In The Walking Dead, though, there is definitely an impression that the decisions the player makes impact the game. The decisions are not minor, going so far as allowing the player to choose who lives and who dies, but at the same time it seems the game has accounted for every possible outcome. The entire game flows very naturally regardless of the decisions that the player makes, meaning that the player almost would think that their decisions were irrelevant, except that the game goes to great lengths to reference the player's past decisions. This starts with simple white text that appears on the screen when the player has done something significant; it lets them know the interpretation of the action and how it might be significant later. For example, it might say, "Kenny appreciates you taking his side" as a way for the game to acknowledge the player's decision. Later in the plot, the characters will actually reference that decision; Kenny, for example, might stick up for you in an argument because you stuck up for him, or another character might dismiss your opinion because they know you tend to agree with Kenny. There's a real impression that the game plot reacts to your decisions.
This also creates an interesting sort of meta-experience as the player starts to wonder the true extent of the game's story tree. Early on, for example, the game asks the player to choose between two characters, one to save and one to let die. The character that you save becomes a key player in the long plot of the game, suggesting that the decision to save them actually was very significant. The player starts to wonder what would have happened if they chose to save the other character, and how much that would have actually affected. That gives the game some replay value; the player can replay and find out the consequences of a drastically different set of actions. Of course, in actuality, doing so would show the player that they never had as much control as they thought, but we'll get to that more later. The point here is that the game does a great job of making the player feel like they have a lot of impact on the story.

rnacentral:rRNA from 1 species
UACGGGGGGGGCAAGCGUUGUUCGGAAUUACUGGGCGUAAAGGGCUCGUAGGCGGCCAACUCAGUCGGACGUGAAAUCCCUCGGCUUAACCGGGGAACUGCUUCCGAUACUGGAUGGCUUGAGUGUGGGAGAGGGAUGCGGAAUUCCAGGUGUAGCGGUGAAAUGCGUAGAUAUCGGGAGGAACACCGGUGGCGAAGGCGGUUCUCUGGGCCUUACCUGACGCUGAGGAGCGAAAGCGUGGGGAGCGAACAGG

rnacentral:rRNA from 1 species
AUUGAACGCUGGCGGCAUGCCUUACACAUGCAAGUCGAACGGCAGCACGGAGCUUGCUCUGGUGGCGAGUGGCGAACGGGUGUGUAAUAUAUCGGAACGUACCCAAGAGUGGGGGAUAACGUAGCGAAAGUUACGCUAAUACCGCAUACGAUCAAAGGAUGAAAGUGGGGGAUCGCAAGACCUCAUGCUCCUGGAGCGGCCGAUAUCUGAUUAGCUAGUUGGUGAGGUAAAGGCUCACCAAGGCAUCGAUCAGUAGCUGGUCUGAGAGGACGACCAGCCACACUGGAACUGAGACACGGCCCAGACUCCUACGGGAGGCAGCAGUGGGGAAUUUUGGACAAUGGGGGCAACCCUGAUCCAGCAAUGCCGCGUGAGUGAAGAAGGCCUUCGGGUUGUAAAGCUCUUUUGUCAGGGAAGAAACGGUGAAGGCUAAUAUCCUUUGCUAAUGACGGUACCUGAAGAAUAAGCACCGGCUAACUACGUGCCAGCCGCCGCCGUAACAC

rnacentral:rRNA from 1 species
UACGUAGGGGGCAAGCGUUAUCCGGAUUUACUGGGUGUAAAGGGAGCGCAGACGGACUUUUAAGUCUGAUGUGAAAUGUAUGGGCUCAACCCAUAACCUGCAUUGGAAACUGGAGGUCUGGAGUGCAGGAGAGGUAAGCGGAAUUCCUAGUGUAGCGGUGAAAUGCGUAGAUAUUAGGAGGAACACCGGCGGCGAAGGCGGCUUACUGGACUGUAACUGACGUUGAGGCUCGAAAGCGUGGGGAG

This, of course, is something that might only stick out to me, but Telltale Games has put a lot of effort into recreating the real world for the game. The skyline of Atlanta, featured at the beginning of the game, is perfectly accurate. In Savannah, real maps are used to navigate, and real city blocks can be seen; several real hotels and establishments are featured, the riverfront is recreated perfectly, and the streets really are identical to the real city. One of the key locations, the Marsh House, is a direct copy of an actual hotel -- the Marshall House -- and resides at the same place geographically as the real one. In one scene where the player looks around at the skyline of Savannah to get their bearings, real church steeples can be seen, and the Marsh House is realistically located compared to the player's previous position. It won't mean much if you've never been to Savannah, but if you have, it's quite a treat.